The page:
A Very Creative Man
By Dominic Twose - Thursday, October 14, 2021
Eric Mason was perhaps the most creative person I’ve ever met.
He made a living from art. During the Second World War he was a War Artist. At the age of 24 he had a one-man show in Wigmore Street – the heart of fine art in London. For many years he earned his crust as the art director for an advertising agency. But he gave that up when he was fifty to focus on art for the sake of art. Oddly, many of his paintings were published in miniature form on matchbox covers. His paintings still sell for thousands and are well-worth a Google or two.
But he was also a wonderful close-up magician. An enthusiastic bear of a man, Eric used to share the spotlight with Fred Robinson at the Marlborough Arms pub on Torrington Place, near the Magic Circle, on Monday evenings. I’ve said before that it was here, sometimes called the Alternative Magic Circle, where I learned my chops. Eric was always ready to perform. Perhaps his favourite trick was his handling of Card On Ceiling: the ceiling of the Marlborough looked as though it had been pebbledashed with cards.
Given his background, unsurprisingly, Eric was a creative and talented illustrator of magic publications. He illustrated many classic magic books including The Thirteen Steps to Mentalismand Patrick Page's Big Book of Magic. He also illustrated the influential British magic magazine Pabular.
And thereby hangs a tale… Pabulum was a Latin word for Food for Thought. Pabula was the plural form. The brains behind the magazine, Fred Robinson and Nick Bolton, thought Pabula a fine title for a new magic magazine. Fred briefed Eric who went away and designed a cover for the first issue. It was only when he returned with the finished artwork, days before the first issue was due to be sent out, that the problem with verbal briefings was identified – Eric thought the word was Pabular. With no time to redesign, the magazine was retitled.
I’ve highlighted Eric’s creativity – he was also creative with his magic. Many of his original routines were published in Pabular. Eventually Martin Breese published a book of Eric’s material. Stuff is a beautifully designed book containing Eric’s original magic, as well as detailed descriptions of several of his marketed props and routines. These include the "Beta Wallet", the "Golden Retriever" and "Pandora". It also contains prints of some of his wonderful artwork. The book obtained a certain notoriety due to its final chapter, an article in favour of Socialism. I understand the chapter was removed from later editions, for fear of damaging US sales.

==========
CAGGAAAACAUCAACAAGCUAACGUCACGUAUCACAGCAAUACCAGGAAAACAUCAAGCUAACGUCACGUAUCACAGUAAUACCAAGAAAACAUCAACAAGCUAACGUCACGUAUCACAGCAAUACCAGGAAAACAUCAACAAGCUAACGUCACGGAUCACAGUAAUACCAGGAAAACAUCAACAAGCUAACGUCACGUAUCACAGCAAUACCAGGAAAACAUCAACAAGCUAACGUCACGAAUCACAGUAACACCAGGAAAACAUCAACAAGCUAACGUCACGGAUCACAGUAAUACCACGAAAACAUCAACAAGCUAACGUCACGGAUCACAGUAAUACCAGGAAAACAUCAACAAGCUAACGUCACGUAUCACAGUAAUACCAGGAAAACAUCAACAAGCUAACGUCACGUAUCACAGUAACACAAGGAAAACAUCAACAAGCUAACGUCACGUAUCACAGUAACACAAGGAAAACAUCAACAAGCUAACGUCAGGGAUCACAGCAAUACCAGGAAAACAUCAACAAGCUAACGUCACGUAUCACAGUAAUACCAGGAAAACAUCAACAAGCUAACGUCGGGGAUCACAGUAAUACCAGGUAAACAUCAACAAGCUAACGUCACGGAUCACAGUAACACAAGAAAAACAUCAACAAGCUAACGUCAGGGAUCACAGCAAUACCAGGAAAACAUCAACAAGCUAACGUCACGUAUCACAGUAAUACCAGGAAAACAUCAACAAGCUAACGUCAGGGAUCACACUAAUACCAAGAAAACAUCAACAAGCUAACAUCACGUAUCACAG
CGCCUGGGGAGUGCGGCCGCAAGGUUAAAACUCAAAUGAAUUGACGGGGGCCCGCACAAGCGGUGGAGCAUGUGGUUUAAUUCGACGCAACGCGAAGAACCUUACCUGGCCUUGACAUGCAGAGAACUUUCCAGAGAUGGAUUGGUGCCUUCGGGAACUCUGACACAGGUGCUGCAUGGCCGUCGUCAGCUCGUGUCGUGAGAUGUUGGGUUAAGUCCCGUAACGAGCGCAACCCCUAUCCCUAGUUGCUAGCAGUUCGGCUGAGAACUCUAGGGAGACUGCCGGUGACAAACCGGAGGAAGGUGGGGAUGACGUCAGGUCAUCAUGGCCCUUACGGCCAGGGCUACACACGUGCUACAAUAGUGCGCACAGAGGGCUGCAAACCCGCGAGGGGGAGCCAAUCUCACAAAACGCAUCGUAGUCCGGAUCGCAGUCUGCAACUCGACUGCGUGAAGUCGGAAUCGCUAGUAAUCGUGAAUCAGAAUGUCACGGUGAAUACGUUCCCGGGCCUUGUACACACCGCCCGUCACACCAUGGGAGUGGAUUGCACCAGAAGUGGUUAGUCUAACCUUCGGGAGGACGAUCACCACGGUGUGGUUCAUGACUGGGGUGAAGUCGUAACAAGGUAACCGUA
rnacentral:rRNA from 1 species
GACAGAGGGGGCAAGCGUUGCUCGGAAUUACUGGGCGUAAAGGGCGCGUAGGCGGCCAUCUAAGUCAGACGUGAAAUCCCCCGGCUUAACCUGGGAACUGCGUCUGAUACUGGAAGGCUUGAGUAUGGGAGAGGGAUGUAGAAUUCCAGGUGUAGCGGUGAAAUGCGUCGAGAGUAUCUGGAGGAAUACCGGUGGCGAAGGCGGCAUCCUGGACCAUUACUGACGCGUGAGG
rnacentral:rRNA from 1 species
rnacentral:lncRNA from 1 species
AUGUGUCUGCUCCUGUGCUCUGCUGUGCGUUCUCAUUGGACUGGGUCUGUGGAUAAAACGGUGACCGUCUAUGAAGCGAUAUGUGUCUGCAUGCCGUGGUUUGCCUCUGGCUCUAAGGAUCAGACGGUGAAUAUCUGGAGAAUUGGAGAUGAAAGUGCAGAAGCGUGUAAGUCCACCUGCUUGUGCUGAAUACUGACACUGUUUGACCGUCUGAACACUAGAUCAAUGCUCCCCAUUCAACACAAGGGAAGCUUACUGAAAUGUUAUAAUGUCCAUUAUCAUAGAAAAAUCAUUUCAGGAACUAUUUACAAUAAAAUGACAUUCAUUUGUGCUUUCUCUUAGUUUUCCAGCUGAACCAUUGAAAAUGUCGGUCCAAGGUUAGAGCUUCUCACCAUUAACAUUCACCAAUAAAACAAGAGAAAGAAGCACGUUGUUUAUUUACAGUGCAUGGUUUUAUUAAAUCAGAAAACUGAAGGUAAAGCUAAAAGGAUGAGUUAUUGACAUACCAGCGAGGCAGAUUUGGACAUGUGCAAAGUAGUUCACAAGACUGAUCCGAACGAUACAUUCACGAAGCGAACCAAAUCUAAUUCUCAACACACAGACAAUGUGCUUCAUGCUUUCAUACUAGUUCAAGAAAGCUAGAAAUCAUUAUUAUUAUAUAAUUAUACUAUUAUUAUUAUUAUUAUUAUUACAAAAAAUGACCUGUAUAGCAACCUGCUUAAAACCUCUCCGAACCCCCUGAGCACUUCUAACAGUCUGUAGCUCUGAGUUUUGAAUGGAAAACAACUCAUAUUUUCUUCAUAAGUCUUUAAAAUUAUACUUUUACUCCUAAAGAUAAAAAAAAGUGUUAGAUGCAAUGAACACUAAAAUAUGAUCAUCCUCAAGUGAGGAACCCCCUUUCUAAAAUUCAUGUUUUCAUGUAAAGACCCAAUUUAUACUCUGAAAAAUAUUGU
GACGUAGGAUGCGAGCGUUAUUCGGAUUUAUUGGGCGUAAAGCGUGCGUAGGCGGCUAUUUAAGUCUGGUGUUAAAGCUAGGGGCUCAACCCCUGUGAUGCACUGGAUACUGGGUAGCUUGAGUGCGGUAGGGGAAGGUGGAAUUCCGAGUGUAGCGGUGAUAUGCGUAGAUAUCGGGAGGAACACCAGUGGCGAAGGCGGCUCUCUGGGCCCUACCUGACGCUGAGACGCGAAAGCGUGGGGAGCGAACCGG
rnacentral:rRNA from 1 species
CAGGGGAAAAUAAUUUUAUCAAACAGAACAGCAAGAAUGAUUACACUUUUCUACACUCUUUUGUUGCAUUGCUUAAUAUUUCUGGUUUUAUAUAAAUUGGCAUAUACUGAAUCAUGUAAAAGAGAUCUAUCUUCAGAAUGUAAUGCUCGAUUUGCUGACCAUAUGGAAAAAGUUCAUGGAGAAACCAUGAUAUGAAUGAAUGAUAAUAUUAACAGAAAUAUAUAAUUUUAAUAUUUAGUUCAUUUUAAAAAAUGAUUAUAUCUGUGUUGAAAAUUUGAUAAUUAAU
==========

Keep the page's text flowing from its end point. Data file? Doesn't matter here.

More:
As for his marketed items, I’ll single out three:
"Pandora" was a startling way of producing a selected card. A card is selected, signed, and returned to the pack. A small circular box is shown, rather like a ladies’ powder compact or a hunter watch. It is placed on top of the deck and opened. Out pops a snake with the chosen card stuck to its nose. The second impact comes because the card is clearly bigger than the box that it is seen to come out of. Utterly bewildering.
"Pukka" was another card-to-impossible-location effect; in this case, a tiny leather wallet. The method was as stunning as the effect, and it is a pity it now seems largely forgotten – I can see no reference to it online.
In contrast, he also designed "Boon", which is still one of the best tools for the mentalist – (Eric described it as ‘The Greatest Little Gimmick in the World’) as well as writing, with Barrie Richardson, A Boon for All Seasons, a book of ingenious uses for Boon. Shiv Dougal was with them when they put together the book – if he reads this it would be great to get his reminiscences.
In an autobiographical summary in Stuff, Eric wrote he was "totally concerned with creation – works 13 hours a day and enjoys every minute of it." It is as a man who loved life that I’ll remember him, when I see him in my mind, it is with a big grin, a deck of cards in his hand, and bursting with life. He died in 1977.
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